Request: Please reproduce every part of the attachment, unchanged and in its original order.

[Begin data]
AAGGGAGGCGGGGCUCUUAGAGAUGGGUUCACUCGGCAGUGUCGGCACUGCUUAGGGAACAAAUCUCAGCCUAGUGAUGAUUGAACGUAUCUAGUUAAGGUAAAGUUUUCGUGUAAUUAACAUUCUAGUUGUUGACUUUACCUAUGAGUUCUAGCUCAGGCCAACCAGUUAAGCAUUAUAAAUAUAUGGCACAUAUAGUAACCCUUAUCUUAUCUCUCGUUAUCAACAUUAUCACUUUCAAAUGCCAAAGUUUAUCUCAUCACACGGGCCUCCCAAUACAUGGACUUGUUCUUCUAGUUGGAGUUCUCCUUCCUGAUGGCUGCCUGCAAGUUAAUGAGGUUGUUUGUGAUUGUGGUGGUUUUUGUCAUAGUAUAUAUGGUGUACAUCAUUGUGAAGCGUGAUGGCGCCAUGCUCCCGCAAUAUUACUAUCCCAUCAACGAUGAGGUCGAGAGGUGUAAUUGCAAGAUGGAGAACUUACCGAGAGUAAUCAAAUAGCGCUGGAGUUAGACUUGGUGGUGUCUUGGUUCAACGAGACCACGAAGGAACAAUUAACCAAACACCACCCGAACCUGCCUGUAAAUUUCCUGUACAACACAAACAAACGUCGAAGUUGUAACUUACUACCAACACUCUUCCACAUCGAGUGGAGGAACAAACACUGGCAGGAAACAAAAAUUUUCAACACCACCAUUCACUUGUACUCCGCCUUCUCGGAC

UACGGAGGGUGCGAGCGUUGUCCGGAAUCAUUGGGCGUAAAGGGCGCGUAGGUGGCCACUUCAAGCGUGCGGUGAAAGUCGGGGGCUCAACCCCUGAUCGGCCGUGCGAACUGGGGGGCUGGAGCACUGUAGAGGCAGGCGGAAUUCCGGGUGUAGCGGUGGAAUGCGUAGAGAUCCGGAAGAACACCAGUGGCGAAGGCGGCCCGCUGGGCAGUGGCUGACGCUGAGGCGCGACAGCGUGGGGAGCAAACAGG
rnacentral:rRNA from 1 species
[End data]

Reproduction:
AAGGGAGGCGGGGCUCUUAGAGAUGGGUUCACUCGGCAGUGUCGGCACUGCUUAGGGAACAAAUCUCAGCCUAGUGAUGAUUGAACGUAUCUAGUUAAGGUAAAGUUUUCGUGUAAUUAACAUUCUAGUUGUUGACUUUACCUAUGAGUUCUAGCUCAGGCCAACCAGUUAAGCAUUAUAAAUAUAUGGCACAUAUAGUAACCCUUAUCUUAUCUCUCGUUAUCAACAUUAUCACUUUCAAAUGCCAAAGUUUAUCUCAUCACACGGGCCUCCCAAUACAUGGACUUGUUCUUCUAGUUGGAGUUCUCCUUCCUGAUGGCUGCCUGCAAGUUAAUGAGGUUGUUUGUGAUUGUGGUGGUUUUUGUCAUAGUAUAUAUGGUGUACAUCAUUGUGAAGCGUGAUGGCGCCAUGCUCCCGCAAUAUUACUAUCCCAUCAACGAUGAGGUCGAGAGGUGUAAUUGCAAGAUGGAGAACUUACCGAGAGUAAUCAAAUAGCGCUGGAGUUAGACUUGGUGGUGUCUUGGUUCAACGAGACCACGAAGGAACAAUUAACCAAACACCACCCGAACCUGCCUGUAAAUUUCCUGUACAACACAAACAAACGUCGAAGUUGUAACUUACUACCAACACUCUUCCACAUCGAGUGGAGGAACAAACACUGGCAGGAAACAAAAAUUUUCAACACCACCAUUCACUUGUACUCCGCCUUCUCGGAC

UACGGAGGGUGCGAGCGUUGUCCGGAAUCAUUGGGCGUAAAGGGCGCGUAGGUGGCCACUUCAAGCGUGCGGUGAAAGUCGGGGGCUCAACCCCUGAUCGGCCGUGCGAACUGGGGGGCUGGAGCACUGUAGAGGCAGGCGGAAUUCCGGGUGUAGCGGUGGAAUGCGUAGAGAUCCGGAAGAACACCAGUGGCGAAGGCGGCCCGCUGGGCAGUGGCUGACGCUGAGGCGCGACAGCGUGGGGAGCAAACAGG
rnacentral:rRNA from 1 species